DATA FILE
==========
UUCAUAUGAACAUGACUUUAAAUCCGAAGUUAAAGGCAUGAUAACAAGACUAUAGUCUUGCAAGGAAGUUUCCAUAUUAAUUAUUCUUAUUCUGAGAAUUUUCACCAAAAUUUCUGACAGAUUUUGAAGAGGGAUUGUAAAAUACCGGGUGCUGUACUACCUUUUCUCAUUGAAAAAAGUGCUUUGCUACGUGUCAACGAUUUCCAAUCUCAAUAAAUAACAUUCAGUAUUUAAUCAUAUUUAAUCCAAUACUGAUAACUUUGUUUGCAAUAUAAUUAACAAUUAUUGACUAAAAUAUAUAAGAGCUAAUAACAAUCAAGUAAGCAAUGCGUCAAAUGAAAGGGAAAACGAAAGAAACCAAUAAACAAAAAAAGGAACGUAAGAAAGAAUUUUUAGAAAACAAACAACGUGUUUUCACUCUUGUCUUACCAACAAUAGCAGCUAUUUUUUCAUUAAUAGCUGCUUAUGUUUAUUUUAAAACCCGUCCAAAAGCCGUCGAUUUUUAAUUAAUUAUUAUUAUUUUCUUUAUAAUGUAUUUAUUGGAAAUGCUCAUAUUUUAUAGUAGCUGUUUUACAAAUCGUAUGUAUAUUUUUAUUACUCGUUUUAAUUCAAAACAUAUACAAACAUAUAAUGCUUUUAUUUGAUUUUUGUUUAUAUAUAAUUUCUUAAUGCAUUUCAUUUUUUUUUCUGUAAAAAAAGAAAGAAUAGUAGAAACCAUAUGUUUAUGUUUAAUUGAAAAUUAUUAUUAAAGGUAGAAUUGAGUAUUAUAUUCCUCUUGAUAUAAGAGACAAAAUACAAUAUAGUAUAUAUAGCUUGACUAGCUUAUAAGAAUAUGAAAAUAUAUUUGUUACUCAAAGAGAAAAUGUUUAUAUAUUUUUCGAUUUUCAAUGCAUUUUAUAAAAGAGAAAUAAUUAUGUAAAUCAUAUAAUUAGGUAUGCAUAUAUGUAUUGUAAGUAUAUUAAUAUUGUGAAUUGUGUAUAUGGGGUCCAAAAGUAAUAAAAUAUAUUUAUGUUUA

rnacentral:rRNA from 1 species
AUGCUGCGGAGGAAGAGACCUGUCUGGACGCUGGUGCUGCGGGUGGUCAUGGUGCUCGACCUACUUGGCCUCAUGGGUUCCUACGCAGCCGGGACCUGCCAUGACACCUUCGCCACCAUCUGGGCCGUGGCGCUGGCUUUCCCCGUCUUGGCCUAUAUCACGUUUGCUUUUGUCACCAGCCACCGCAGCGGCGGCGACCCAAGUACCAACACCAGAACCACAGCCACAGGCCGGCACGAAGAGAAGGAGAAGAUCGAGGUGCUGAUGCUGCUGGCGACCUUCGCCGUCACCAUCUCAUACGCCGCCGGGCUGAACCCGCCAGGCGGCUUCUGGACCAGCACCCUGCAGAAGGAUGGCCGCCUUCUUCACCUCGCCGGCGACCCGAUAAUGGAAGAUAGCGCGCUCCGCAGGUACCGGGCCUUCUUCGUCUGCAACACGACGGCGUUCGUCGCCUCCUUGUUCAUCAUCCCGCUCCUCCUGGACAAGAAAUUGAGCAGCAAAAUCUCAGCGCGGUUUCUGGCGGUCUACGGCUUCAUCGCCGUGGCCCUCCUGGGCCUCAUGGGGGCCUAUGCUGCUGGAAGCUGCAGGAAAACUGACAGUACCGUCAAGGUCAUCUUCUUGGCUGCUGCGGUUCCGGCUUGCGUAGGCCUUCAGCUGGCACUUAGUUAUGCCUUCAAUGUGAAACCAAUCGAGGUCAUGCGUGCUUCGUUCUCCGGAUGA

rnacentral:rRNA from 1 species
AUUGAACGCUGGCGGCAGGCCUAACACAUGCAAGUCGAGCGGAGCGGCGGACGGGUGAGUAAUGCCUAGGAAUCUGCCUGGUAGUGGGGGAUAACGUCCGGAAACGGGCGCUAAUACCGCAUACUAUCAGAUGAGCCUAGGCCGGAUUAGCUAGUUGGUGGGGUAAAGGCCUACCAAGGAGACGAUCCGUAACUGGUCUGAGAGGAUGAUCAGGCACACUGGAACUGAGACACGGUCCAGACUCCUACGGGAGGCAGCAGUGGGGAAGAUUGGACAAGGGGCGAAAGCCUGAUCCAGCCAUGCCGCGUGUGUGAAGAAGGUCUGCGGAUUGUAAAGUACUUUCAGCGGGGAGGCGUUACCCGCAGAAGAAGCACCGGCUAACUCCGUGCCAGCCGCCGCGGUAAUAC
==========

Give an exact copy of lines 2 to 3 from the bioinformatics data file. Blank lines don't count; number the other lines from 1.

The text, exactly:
rnacentral:rRNA from 1 species
AUGCUGCGGAGGAAGAGACCUGUCUGGACGCUGGUGCUGCGGGUGGUCAUGGUGCUCGACCUACUUGGCCUCAUGGGUUCCUACGCAGCCGGGACCUGCCAUGACACCUUCGCCACCAUCUGGGCCGUGGCGCUGGCUUUCCCCGUCUUGGCCUAUAUCACGUUUGCUUUUGUCACCAGCCACCGCAGCGGCGGCGACCCAAGUACCAACACCAGAACCACAGCCACAGGCCGGCACGAAGAGAAGGAGAAGAUCGAGGUGCUGAUGCUGCUGGCGACCUUCGCCGUCACCAUCUCAUACGCCGCCGGGCUGAACCCGCCAGGCGGCUUCUGGACCAGCACCCUGCAGAAGGAUGGCCGCCUUCUUCACCUCGCCGGCGACCCGAUAAUGGAAGAUAGCGCGCUCCGCAGGUACCGGGCCUUCUUCGUCUGCAACACGACGGCGUUCGUCGCCUCCUUGUUCAUCAUCCCGCUCCUCCUGGACAAGAAAUUGAGCAGCAAAAUCUCAGCGCGGUUUCUGGCGGUCUACGGCUUCAUCGCCGUGGCCCUCCUGGGCCUCAUGGGGGCCUAUGCUGCUGGAAGCUGCAGGAAAACUGACAGUACCGUCAAGGUCAUCUUCUUGGCUGCUGCGGUUCCGGCUUGCGUAGGCCUUCAGCUGGCACUUAGUUAUGCCUUCAAUGUGAAACCAAUCGAGGUCAUGCGUGCUUCGUUCUCCGGAUGA